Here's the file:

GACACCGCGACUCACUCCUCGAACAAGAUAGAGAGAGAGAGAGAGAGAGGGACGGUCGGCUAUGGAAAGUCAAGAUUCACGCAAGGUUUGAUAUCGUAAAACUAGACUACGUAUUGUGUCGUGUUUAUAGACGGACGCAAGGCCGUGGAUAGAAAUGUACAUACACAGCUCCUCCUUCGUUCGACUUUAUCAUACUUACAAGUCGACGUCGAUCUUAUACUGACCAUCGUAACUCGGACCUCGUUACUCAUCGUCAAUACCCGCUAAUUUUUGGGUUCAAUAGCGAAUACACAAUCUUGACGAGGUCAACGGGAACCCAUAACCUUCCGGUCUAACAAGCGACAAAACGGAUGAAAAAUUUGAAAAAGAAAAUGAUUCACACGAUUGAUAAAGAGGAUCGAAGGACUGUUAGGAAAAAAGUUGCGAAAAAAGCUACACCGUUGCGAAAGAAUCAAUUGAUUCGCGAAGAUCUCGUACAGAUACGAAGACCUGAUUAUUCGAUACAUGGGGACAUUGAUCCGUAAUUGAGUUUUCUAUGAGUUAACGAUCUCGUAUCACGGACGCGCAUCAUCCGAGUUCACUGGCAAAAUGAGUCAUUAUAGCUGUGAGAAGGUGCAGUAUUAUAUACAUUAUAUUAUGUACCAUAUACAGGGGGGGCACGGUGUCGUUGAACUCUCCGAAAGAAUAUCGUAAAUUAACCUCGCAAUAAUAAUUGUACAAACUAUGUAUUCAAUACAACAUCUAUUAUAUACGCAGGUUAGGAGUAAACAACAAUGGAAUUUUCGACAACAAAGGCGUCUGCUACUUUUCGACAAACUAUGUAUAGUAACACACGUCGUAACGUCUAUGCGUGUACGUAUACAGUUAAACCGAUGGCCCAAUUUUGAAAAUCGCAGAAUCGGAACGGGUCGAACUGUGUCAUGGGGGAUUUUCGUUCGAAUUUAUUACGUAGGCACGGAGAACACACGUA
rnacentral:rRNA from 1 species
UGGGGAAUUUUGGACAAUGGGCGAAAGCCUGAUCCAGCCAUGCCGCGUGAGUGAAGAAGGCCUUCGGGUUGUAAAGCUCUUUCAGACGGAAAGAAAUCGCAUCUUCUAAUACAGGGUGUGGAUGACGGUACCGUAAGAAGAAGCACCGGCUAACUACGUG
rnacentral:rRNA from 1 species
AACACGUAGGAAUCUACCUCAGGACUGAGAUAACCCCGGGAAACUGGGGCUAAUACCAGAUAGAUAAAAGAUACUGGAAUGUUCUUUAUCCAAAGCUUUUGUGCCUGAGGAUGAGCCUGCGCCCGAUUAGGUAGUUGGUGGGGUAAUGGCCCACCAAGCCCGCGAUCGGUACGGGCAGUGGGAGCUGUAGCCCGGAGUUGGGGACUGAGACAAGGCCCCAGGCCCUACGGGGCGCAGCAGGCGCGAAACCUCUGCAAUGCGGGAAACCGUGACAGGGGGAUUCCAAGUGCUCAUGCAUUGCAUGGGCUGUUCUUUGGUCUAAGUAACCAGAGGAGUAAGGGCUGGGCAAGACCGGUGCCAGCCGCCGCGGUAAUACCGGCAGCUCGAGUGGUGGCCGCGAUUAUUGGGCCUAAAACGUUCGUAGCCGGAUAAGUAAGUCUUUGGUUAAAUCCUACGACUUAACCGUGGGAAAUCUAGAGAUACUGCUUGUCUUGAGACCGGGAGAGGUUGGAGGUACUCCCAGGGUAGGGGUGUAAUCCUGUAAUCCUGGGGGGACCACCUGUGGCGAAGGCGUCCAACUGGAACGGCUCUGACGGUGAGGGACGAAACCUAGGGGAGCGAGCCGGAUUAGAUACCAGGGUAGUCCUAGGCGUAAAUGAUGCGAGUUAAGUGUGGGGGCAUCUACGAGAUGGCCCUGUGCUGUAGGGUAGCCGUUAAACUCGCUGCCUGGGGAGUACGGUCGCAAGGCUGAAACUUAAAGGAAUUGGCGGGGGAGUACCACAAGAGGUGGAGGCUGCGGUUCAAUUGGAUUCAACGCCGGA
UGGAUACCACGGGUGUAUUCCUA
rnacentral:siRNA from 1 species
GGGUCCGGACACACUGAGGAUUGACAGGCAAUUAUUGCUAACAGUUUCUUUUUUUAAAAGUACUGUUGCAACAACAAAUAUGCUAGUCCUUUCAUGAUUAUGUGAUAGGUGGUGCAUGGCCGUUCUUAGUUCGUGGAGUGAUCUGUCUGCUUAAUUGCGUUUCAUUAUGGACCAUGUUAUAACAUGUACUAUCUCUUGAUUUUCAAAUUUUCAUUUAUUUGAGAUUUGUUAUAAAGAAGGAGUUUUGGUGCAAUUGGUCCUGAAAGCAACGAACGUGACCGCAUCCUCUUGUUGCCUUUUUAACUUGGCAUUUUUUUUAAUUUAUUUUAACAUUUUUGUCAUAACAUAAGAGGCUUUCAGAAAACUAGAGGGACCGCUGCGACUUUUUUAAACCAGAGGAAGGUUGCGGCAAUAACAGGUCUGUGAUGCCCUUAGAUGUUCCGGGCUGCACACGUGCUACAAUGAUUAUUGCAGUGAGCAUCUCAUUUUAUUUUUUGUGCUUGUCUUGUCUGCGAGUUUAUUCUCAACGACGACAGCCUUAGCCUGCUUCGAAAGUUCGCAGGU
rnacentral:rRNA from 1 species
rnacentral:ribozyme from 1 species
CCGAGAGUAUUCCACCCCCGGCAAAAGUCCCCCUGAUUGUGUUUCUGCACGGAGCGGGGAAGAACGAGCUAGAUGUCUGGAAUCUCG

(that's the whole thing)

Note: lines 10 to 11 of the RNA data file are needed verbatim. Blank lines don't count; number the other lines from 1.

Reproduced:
rnacentral:ribozyme from 1 species
CCGAGAGUAUUCCACCCCCGGCAAAAGUCCCCCUGAUUGUGUUUCUGCACGGAGCGGGGAAGAACGAGCUAGAUGUCUGGAAUCUCG